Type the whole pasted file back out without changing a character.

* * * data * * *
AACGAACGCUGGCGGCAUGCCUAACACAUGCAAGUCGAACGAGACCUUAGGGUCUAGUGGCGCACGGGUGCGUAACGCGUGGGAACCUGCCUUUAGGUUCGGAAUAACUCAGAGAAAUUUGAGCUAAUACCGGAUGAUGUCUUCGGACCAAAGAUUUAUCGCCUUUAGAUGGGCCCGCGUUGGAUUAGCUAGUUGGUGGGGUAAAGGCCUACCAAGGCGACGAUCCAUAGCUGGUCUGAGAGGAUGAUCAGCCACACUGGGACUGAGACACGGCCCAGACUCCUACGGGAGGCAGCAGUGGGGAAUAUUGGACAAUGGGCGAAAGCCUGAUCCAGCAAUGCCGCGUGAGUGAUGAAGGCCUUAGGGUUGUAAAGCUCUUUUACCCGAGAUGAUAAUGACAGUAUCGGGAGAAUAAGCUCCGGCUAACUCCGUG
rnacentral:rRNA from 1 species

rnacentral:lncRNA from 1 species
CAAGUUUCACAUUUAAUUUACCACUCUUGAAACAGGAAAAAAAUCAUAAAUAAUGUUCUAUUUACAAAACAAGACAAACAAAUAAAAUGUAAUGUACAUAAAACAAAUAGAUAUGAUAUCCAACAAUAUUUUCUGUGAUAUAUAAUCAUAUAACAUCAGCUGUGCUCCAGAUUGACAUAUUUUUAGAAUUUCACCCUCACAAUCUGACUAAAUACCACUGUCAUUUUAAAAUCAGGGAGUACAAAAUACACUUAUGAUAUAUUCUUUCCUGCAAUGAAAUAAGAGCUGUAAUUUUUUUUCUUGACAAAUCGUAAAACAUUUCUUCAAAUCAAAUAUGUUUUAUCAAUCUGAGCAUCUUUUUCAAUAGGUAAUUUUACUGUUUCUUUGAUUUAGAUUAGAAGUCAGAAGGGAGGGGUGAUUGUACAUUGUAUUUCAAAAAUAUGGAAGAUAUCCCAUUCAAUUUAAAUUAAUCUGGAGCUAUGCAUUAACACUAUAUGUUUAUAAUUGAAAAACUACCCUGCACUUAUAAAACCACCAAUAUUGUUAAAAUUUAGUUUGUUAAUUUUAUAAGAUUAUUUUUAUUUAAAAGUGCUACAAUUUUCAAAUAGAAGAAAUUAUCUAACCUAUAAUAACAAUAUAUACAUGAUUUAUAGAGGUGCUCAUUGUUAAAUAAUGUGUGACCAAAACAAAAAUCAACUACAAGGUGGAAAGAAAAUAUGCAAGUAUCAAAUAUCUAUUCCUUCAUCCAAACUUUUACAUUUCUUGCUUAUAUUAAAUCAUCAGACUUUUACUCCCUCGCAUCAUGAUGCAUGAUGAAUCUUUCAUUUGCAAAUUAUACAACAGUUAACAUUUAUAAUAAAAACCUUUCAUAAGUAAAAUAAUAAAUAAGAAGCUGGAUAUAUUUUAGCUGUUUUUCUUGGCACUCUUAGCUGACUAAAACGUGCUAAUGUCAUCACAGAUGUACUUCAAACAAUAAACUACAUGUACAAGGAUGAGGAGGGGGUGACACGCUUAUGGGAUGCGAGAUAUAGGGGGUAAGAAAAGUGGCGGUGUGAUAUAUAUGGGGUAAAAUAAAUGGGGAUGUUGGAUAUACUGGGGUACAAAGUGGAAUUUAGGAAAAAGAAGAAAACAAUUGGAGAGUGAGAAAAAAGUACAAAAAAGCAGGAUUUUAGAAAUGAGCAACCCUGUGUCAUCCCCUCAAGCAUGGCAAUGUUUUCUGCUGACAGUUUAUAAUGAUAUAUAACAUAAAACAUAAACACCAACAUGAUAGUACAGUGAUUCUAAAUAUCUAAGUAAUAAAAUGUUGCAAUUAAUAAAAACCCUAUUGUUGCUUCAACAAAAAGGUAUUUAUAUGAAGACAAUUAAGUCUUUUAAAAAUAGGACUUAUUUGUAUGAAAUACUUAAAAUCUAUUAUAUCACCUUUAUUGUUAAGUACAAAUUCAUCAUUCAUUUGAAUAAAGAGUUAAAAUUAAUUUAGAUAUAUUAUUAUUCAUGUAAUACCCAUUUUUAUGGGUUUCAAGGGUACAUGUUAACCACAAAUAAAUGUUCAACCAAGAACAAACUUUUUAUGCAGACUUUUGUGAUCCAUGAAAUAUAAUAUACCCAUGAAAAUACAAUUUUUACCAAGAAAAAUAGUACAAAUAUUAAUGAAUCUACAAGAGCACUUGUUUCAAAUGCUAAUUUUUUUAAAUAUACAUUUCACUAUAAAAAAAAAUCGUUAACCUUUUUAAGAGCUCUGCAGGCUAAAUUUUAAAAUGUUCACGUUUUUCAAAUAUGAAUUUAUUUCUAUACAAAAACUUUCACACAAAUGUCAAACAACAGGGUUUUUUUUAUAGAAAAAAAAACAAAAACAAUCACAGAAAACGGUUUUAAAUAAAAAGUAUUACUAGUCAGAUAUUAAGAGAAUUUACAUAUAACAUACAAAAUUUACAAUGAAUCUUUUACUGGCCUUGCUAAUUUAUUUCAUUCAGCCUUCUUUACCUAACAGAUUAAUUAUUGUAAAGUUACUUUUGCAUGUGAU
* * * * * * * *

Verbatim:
AACGAACGCUGGCGGCAUGCCUAACACAUGCAAGUCGAACGAGACCUUAGGGUCUAGUGGCGCACGGGUGCGUAACGCGUGGGAACCUGCCUUUAGGUUCGGAAUAACUCAGAGAAAUUUGAGCUAAUACCGGAUGAUGUCUUCGGACCAAAGAUUUAUCGCCUUUAGAUGGGCCCGCGUUGGAUUAGCUAGUUGGUGGGGUAAAGGCCUACCAAGGCGACGAUCCAUAGCUGGUCUGAGAGGAUGAUCAGCCACACUGGGACUGAGACACGGCCCAGACUCCUACGGGAGGCAGCAGUGGGGAAUAUUGGACAAUGGGCGAAAGCCUGAUCCAGCAAUGCCGCGUGAGUGAUGAAGGCCUUAGGGUUGUAAAGCUCUUUUACCCGAGAUGAUAAUGACAGUAUCGGGAGAAUAAGCUCCGGCUAACUCCGUG
rnacentral:rRNA from 1 species

rnacentral:lncRNA from 1 species
CAAGUUUCACAUUUAAUUUACCACUCUUGAAACAGGAAAAAAAUCAUAAAUAAUGUUCUAUUUACAAAACAAGACAAACAAAUAAAAUGUAAUGUACAUAAAACAAAUAGAUAUGAUAUCCAACAAUAUUUUCUGUGAUAUAUAAUCAUAUAACAUCAGCUGUGCUCCAGAUUGACAUAUUUUUAGAAUUUCACCCUCACAAUCUGACUAAAUACCACUGUCAUUUUAAAAUCAGGGAGUACAAAAUACACUUAUGAUAUAUUCUUUCCUGCAAUGAAAUAAGAGCUGUAAUUUUUUUUCUUGACAAAUCGUAAAACAUUUCUUCAAAUCAAAUAUGUUUUAUCAAUCUGAGCAUCUUUUUCAAUAGGUAAUUUUACUGUUUCUUUGAUUUAGAUUAGAAGUCAGAAGGGAGGGGUGAUUGUACAUUGUAUUUCAAAAAUAUGGAAGAUAUCCCAUUCAAUUUAAAUUAAUCUGGAGCUAUGCAUUAACACUAUAUGUUUAUAAUUGAAAAACUACCCUGCACUUAUAAAACCACCAAUAUUGUUAAAAUUUAGUUUGUUAAUUUUAUAAGAUUAUUUUUAUUUAAAAGUGCUACAAUUUUCAAAUAGAAGAAAUUAUCUAACCUAUAAUAACAAUAUAUACAUGAUUUAUAGAGGUGCUCAUUGUUAAAUAAUGUGUGACCAAAACAAAAAUCAACUACAAGGUGGAAAGAAAAUAUGCAAGUAUCAAAUAUCUAUUCCUUCAUCCAAACUUUUACAUUUCUUGCUUAUAUUAAAUCAUCAGACUUUUACUCCCUCGCAUCAUGAUGCAUGAUGAAUCUUUCAUUUGCAAAUUAUACAACAGUUAACAUUUAUAAUAAAAACCUUUCAUAAGUAAAAUAAUAAAUAAGAAGCUGGAUAUAUUUUAGCUGUUUUUCUUGGCACUCUUAGCUGACUAAAACGUGCUAAUGUCAUCACAGAUGUACUUCAAACAAUAAACUACAUGUACAAGGAUGAGGAGGGGGUGACACGCUUAUGGGAUGCGAGAUAUAGGGGGUAAGAAAAGUGGCGGUGUGAUAUAUAUGGGGUAAAAUAAAUGGGGAUGUUGGAUAUACUGGGGUACAAAGUGGAAUUUAGGAAAAAGAAGAAAACAAUUGGAGAGUGAGAAAAAAGUACAAAAAAGCAGGAUUUUAGAAAUGAGCAACCCUGUGUCAUCCCCUCAAGCAUGGCAAUGUUUUCUGCUGACAGUUUAUAAUGAUAUAUAACAUAAAACAUAAACACCAACAUGAUAGUACAGUGAUUCUAAAUAUCUAAGUAAUAAAAUGUUGCAAUUAAUAAAAACCCUAUUGUUGCUUCAACAAAAAGGUAUUUAUAUGAAGACAAUUAAGUCUUUUAAAAAUAGGACUUAUUUGUAUGAAAUACUUAAAAUCUAUUAUAUCACCUUUAUUGUUAAGUACAAAUUCAUCAUUCAUUUGAAUAAAGAGUUAAAAUUAAUUUAGAUAUAUUAUUAUUCAUGUAAUACCCAUUUUUAUGGGUUUCAAGGGUACAUGUUAACCACAAAUAAAUGUUCAACCAAGAACAAACUUUUUAUGCAGACUUUUGUGAUCCAUGAAAUAUAAUAUACCCAUGAAAAUACAAUUUUUACCAAGAAAAAUAGUACAAAUAUUAAUGAAUCUACAAGAGCACUUGUUUCAAAUGCUAAUUUUUUUAAAUAUACAUUUCACUAUAAAAAAAAAUCGUUAACCUUUUUAAGAGCUCUGCAGGCUAAAUUUUAAAAUGUUCACGUUUUUCAAAUAUGAAUUUAUUUCUAUACAAAAACUUUCACACAAAUGUCAAACAACAGGGUUUUUUUUAUAGAAAAAAAAACAAAAACAAUCACAGAAAACGGUUUUAAAUAAAAAGUAUUACUAGUCAGAUAUUAAGAGAAUUUACAUAUAACAUACAAAAUUUACAAUGAAUCUUUUACUGGCCUUGCUAAUUUAUUUCAUUCAGCCUUCUUUACCUAACAGAUUAAUUAUUGUAAAGUUACUUUUGCAUGUGAU